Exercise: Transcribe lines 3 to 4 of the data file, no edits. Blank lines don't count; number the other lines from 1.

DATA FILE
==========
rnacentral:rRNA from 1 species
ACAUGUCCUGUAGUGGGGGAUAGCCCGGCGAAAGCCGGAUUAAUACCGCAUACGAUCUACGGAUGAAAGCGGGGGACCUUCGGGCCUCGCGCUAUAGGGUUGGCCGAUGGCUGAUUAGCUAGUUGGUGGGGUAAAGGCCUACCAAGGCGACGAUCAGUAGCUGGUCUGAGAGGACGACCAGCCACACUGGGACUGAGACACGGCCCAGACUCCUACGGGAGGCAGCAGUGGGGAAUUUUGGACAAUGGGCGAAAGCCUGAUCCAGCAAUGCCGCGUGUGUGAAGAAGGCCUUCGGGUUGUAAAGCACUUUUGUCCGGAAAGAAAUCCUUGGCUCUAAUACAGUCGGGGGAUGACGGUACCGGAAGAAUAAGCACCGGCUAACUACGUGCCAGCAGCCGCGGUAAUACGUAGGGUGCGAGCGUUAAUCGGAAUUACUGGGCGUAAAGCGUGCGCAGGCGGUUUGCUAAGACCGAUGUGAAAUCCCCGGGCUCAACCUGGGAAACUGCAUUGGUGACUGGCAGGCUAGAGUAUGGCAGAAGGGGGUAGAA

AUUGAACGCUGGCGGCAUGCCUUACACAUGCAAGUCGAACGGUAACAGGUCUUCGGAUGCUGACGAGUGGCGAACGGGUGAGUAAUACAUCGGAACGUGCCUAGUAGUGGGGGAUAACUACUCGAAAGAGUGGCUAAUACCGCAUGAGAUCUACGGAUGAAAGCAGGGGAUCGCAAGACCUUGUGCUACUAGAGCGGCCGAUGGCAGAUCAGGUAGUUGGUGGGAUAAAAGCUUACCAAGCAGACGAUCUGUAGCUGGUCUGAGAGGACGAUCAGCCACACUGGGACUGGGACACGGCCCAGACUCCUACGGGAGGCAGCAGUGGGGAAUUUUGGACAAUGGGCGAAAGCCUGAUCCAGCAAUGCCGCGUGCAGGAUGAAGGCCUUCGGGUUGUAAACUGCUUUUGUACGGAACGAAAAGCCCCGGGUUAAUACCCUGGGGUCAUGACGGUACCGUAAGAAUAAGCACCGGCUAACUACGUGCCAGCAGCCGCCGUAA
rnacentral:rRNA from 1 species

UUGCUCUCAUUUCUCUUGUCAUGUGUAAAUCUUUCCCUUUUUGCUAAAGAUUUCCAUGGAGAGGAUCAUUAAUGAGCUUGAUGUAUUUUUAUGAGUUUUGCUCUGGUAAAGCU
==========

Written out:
AUUGAACGCUGGCGGCAUGCCUUACACAUGCAAGUCGAACGGUAACAGGUCUUCGGAUGCUGACGAGUGGCGAACGGGUGAGUAAUACAUCGGAACGUGCCUAGUAGUGGGGGAUAACUACUCGAAAGAGUGGCUAAUACCGCAUGAGAUCUACGGAUGAAAGCAGGGGAUCGCAAGACCUUGUGCUACUAGAGCGGCCGAUGGCAGAUCAGGUAGUUGGUGGGAUAAAAGCUUACCAAGCAGACGAUCUGUAGCUGGUCUGAGAGGACGAUCAGCCACACUGGGACUGGGACACGGCCCAGACUCCUACGGGAGGCAGCAGUGGGGAAUUUUGGACAAUGGGCGAAAGCCUGAUCCAGCAAUGCCGCGUGCAGGAUGAAGGCCUUCGGGUUGUAAACUGCUUUUGUACGGAACGAAAAGCCCCGGGUUAAUACCCUGGGGUCAUGACGGUACCGUAAGAAUAAGCACCGGCUAACUACGUGCCAGCAGCCGCCGUAA
rnacentral:rRNA from 1 species